What the 'big neurodegeneration breakthrough' means for Huntington's disease
Are recent findings in mice injected with 'prions' as important for Huntington's disease as widely reported?
By Eric Minikel October 15, 2013 Edited by Dr Jeff Carroll
Many people in the Huntington’s disease community have noticed reports highlighting a recent study from the University of Leicester, which the BBC claimed “could treat Alzheimer’s, Parkinson’s, Huntington’s and other diseases”. The underlying study is well-executed research of some importance. However, the press hype is out of all proportion to the impact of this research. What does this study actually show, and what does it mean for HD?
When patients die after battling Huntington’s disease, doctors have long observed that their brains are full of debris that shouldn’t be there. It’s as if the cells of the brain forgot to take out the trash and let it pile up before they died. Scientists call these clumps of junk aggregates when they are found in HD patient brains.
This littering of the brain with different proteins is observed in many ‘neurodegenerative’ diseases, including Alzheimer’s and Parkinson’s disease. Because of this common feature, some scientists believe there may be a common root cause for all these diseases. Other researchers note that while these piles of trash are observed in many conditions, they’re full of different stuff in each case. Essentially, each brain disease is associated with different kinds of litter, so it’s not clear if the origin of these problems is the same in each case.
Yet another family of brain diseases associated with the accumulation of junk are the so-called “prion diseases”. Prions are infectious particles made up of protein - unlike viruses or bacteria, they don’t have any DNA or RNA. Once so obscure that their existence was hotly debated by the scientists, they are now a well-known cause of brain disease.
Everyone has a protein called prion protein (PrP), which is usually perfectly healthy. But sometimes PrP folds up the wrong way, and once one PrP molecule decides to do this, all the others follow suit, like a line of dominoes tumbling down one after the other.
Unlike HD, which is always caused by a genetic mutaiton, prion diseases can happen three different ways: you can have a genetic mutation in your PrP gene, you can get infected with prions (most famously, from animals with ‘Mad Cow’ disease) or sometimes it just seems to come out of nowhere. Once the dominoes start to fall, cells have trouble cleaning them up and throwing them out, and eventually the cell gets so full of junk that it dies.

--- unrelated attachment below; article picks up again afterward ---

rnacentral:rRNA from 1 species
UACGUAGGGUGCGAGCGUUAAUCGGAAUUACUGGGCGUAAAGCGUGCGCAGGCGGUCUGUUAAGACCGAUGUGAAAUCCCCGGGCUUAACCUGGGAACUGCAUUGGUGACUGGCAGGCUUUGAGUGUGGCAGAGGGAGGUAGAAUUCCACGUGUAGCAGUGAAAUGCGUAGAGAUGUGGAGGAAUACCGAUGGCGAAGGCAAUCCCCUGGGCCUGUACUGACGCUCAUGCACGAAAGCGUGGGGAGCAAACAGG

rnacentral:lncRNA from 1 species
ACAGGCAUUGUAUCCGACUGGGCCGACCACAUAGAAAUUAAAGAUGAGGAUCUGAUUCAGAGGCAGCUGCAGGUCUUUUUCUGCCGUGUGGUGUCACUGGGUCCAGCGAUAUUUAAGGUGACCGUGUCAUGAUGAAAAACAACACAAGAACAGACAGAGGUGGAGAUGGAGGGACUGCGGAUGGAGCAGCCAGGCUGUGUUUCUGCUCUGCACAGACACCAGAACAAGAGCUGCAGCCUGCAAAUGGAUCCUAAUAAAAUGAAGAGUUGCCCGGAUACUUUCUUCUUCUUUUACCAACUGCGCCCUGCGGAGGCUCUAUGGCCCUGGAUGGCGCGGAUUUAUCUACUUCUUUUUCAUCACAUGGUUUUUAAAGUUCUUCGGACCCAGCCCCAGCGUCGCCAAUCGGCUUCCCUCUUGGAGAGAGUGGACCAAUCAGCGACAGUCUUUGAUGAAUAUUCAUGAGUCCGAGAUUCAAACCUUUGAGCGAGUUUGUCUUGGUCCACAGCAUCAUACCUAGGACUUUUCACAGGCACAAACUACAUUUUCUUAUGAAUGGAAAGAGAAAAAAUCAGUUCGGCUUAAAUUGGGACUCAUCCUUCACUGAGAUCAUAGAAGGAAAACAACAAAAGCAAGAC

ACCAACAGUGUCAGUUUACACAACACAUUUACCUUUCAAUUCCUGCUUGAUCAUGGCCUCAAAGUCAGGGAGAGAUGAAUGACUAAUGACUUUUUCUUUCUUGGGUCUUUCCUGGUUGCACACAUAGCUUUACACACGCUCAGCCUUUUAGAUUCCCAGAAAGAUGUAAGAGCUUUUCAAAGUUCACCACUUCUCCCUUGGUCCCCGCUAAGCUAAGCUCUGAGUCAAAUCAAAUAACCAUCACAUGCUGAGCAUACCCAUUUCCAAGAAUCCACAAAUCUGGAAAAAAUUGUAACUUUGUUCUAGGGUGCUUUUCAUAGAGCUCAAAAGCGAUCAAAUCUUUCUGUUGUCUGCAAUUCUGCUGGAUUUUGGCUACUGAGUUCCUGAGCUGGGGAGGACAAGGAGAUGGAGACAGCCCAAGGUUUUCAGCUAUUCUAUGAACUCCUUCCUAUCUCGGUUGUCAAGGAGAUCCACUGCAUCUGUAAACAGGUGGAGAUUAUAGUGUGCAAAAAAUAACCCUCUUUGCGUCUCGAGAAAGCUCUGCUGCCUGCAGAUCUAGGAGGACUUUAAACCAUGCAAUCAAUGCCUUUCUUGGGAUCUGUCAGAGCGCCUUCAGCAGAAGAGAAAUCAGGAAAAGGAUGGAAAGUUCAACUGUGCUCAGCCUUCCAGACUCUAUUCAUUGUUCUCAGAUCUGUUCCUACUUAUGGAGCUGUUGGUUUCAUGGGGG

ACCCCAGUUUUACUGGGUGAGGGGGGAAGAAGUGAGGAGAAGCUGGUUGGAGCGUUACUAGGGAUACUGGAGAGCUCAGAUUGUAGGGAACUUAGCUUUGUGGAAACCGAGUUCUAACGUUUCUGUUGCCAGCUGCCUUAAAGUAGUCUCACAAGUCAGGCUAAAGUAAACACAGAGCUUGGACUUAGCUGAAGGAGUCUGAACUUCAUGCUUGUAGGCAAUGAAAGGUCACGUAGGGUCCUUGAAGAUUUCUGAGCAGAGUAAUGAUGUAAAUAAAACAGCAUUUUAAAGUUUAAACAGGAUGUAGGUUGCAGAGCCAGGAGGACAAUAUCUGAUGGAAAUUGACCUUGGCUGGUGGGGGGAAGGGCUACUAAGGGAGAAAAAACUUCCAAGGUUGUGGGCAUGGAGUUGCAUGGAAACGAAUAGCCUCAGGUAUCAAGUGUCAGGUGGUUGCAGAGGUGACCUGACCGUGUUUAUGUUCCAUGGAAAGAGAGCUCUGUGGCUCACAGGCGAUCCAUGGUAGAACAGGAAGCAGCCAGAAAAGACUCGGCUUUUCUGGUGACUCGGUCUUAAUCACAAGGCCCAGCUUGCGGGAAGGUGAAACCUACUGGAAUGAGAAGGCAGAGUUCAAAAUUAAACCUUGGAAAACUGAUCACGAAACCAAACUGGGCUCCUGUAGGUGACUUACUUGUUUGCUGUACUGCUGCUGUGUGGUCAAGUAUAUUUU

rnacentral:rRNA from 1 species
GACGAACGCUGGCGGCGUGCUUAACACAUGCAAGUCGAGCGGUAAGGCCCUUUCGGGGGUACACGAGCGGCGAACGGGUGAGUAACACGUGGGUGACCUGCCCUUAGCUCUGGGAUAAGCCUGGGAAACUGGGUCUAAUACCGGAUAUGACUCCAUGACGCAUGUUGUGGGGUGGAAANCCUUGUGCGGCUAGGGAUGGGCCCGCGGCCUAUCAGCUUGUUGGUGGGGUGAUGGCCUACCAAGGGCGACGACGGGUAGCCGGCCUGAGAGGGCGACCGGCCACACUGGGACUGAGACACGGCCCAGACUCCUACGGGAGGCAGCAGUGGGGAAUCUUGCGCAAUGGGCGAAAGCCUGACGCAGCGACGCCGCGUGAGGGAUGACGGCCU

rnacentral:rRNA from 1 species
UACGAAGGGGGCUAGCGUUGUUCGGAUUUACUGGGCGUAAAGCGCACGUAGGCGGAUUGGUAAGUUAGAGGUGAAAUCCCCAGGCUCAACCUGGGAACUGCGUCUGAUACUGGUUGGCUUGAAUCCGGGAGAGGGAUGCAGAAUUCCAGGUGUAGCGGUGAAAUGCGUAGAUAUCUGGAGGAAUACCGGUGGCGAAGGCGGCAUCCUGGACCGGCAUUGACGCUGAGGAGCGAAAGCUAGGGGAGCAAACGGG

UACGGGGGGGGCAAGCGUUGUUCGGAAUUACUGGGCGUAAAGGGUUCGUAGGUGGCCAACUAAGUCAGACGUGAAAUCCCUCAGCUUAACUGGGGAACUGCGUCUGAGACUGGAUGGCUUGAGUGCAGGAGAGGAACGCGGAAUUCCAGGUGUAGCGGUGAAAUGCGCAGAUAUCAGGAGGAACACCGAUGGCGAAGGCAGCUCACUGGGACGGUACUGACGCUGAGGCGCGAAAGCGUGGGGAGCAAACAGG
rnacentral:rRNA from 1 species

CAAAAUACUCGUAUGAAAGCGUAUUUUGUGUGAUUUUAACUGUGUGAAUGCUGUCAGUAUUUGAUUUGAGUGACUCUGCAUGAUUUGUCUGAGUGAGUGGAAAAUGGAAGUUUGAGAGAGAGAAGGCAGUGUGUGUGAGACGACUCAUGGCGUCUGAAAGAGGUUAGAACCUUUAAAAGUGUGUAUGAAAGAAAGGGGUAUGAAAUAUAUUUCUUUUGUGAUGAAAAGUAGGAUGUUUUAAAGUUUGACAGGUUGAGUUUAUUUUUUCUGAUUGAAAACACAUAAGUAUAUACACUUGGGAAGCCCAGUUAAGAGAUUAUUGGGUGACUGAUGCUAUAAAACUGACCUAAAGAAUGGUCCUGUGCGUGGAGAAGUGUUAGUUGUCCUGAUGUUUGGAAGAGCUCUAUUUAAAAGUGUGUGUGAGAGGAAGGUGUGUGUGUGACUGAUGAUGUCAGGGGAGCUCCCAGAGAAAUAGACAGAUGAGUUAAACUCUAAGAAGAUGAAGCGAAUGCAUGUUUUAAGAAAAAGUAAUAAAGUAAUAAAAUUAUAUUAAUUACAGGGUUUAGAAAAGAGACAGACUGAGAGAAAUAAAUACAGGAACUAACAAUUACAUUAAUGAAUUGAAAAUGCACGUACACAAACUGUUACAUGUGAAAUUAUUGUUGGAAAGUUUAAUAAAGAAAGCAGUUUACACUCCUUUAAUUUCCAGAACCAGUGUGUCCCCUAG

Cells PERK up and take out the trash
Last year, a group of researchers led by Prof Giovanna Mallucci, from the University of Leicester, described a cellular communications network that they believe contributes to brain cell death in prion disease.
Mallucci and colleagues showed in mice that once cells are full of enough misfolded PrP - the fallen dominoes - eventually this triggers something called the 'unfolded protein response’. This is a normal cellular process that instructs the cell to clean up, because the trash is backing up and things are starting to smell.
As part of this house cleaning response, cells activate a specific cellular signal called PERK. Activation of the PERK signal has the effect of dramatically reducing the overall rate at which new proteins are generated. This draconian mechanism might have evolved as a way to give the cell a break from the accumulation of cellular junk.
In the case of prion disease, this response backfires, because prions have tricky ways of escaping the ‘clean up’ signal. In fact, in 2012 Mallucci and her colleagues showed that PrP is actually produced in even greater-than-usual quantities when the unfolded protein response is activated.
In the 2012 study, the authors looked for ways to interfere with prion disease by interfering with the unfolded protein response. Inhibiting unfolded protein response with genetic tricks extended survival of prion-infected mice by 10%. Meanwhile, treating prion-infected mice with salubrinal, a drug that promotes the unfolded protein response, accelerated disease, leading to death a few days earlier.
The interpretation of these results was that, contrary to expectations, the unfolded protein response is bad in prion disease. It accelerates brain cell death by reducing protein production, while simultaneously failing to halt the production of the protein at the root of the problem: PrP. It’s as if your house was filling up with fallen dominoes so you threw out all your food and furniture, while still buying more dominoes.
“While these are findings interesting, we don’t think they deserve the hype they are receiving. ”
In the same year, British drug company GlaxoSmithKline published its discovery of a drug called GSK2606414 which can reach the brain and specifically inhibit PERK. This opened up an opportunity to attack the same cellular signal with a potent drug that could be given orally and reach all areas of the brain. Good news, right?
The new findings
In the new study that has received so much attention, Mallucci and colleagues used the new drug to inhibit the unfolded protein response and delay the clinical signs of disease in prion-infected mice. Somewhat like the “pre-symptomatic” phase of HD, prion diseases have a long silent incubation period in which prions build up but there are no symptoms. Mice in this stage act normal and everything looks fine in their brains.
The group of scientists led by Mallucci are pioneers of looking for the very earliest indicator signs of prion disease in prion-infected mice. The earliest signs of prion disease they have found occur about 56 days after mice are infected with prions - the mice eventually succumb to disease after about 84 days.